Don't Be Afraid Of Change

September 12, 2008

Many startups these days use the crutch of advertising instead of a real business model. The reason is pretty simple: throwing Google AdSense up on a Web site is easy and fast, and persuading users to pay for stuff is hard. Chesspark is a subscription based service, and in our quest for real revenue we’ve had to make many changes to our business model. Some of our experiments have failed, but we continue to try new things. We can’t be afraid of change.


The Original Idea

Our original model was straight up subscriptions. If you wanted to play chess on the best site around, it cost $40 a year. We offered a two week trial period for people to test it out.

During the beta period, we allowed people to play for free, continually warning people that Chesspark was not a free service and was still in heavy development. Some people were excited enough by what we had done to sign up early. When we finally launched the site officially and made payment required, we had a lot of people convert to paying users. Things were looking great.

It didn’t take long for people to abuse our generosity with the trial accounts. We originally thought that forcing users to lose their history would discourage them for creating multiple accounts, but this proved not to be a big motivator. People played for two weeks, then created another account under a new name.

Many times these people did so in an obvious way, and this angered our paying users. We spent an enormous amount of time tracking down these duplicate accounts and banning them. We wrote automated tools to track people by cookies, by IP address, by password similarity, and more. Even with this kind of heavy automation and detection, we were still spending a good part of every day just enforcing the rules.

Not only were we wasting the time spent booting freeloaders that we could’ve used for developing new features, but subscriptions weren’t increasing much.


We decided to switch to the freemium model. Basic features would be free for everyone, but some features would be locked behind a pay wall. We decided that tournaments, chess variants, social groups, daily rankings, and a few more features would require a subscription. We also put a few ads for upgrading in the free version, including an interstitial when games were finished.

This solved much of the duplicate account problem, freeing us to work on new features and bug fixes instead of just trying to police the border.

After a month of freemium, we still weren’t seeing the increase in subscriptions that we wanted. We measured and logged any data we could to figure out why people weren’t paying. We made the signup and payment process simpler; we fixed rare bugs in the sales flow. Nothing made a dent.

It’s About Value

Finally we came to a conclusion. The jump from free to subscription was not offering enough value to be compelling to our users. We needed to change something.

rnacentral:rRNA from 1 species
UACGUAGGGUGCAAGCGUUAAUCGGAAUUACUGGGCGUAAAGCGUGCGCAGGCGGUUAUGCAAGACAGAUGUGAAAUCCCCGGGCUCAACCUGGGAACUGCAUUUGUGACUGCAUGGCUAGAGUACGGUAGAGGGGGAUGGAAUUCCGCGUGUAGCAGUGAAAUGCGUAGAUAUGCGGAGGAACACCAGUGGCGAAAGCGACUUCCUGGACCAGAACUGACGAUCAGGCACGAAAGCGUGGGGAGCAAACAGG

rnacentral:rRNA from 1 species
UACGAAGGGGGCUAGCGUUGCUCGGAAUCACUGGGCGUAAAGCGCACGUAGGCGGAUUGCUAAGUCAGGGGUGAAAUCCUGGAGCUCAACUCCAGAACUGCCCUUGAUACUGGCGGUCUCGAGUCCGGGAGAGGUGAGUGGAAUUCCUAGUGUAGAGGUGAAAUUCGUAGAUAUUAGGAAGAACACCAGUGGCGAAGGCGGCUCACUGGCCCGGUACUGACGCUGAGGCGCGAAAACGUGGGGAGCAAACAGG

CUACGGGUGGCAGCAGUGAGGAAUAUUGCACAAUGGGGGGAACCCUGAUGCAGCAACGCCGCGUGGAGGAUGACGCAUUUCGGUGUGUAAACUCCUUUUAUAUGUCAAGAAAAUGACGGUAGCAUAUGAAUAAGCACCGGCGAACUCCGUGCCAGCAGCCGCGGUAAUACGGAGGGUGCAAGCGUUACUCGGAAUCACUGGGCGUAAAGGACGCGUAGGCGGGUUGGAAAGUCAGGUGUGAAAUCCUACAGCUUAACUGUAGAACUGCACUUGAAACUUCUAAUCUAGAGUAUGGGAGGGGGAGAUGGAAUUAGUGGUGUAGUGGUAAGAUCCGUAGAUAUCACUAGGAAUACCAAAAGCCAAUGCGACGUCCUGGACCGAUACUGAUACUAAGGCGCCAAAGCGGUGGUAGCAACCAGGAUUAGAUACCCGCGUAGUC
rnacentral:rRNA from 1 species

The first place we changed was community. We decided to improve some basic community features of the site that were being underused by users. Probing a few users and finding fresh eyes to give us feedback, we discovered some very easy fixes that might help.

The first thing we did was slightly reorganize our forums. We made the topics clearer, added a game analysis forum, and made the forums easier to get to from the well used portions of the site.

We also made it easier to get to other areas of our site such as user profiles. We changed the AJAX client to open new Web pages for profile loads of users, instead of presenting similar information in a JavaScript dialog. This made the transition from game client to Web site easier.

These community changes had a noticeable effect. It took a few days, but the game analysis forum took on a life of its own. People started to use the user profiles more. The best part was that organic signups started to increase noticeably.

The next big change was to move a few more features behind the subscription barrier. Bullet and blitz games are the most popular on the server, and our relentless pursuit of low latency has made them extremely fun for our users. We made the decision to make fast games available only to paying members, except in the case where a paying member specifically invited a free one to such a game.

Now the value equation is drastically different. Everyone benefits from a better community, and our community pay features become more compelling. Fast games, the most popular activity, will hopefully provide a compelling reason to upgrade.

Watch and React

It’s to early to tell what the result will be of the latest changes, but we constantly monitor user feedback, site statistics, and quality of service metrics to see shifts in trends. We’ll be working on new features while we digest the latest changes. Once trends are spotted we will make new changes and decisions, reacting to users’ behavior patterns.

All of this is much harder than having Google use their finely tuned machine to serve ads to our users, but it is worthwhile. Our paying users are fiercely loyal and create the special community that exists on Chesspark, something we would not get from a totally ad supported site.

It may be that we monetize the free users with advertising in the future. After all, we’re not afraid to change.

Don't Be Afraid Of Change - September 12, 2008 - Jack Moffitt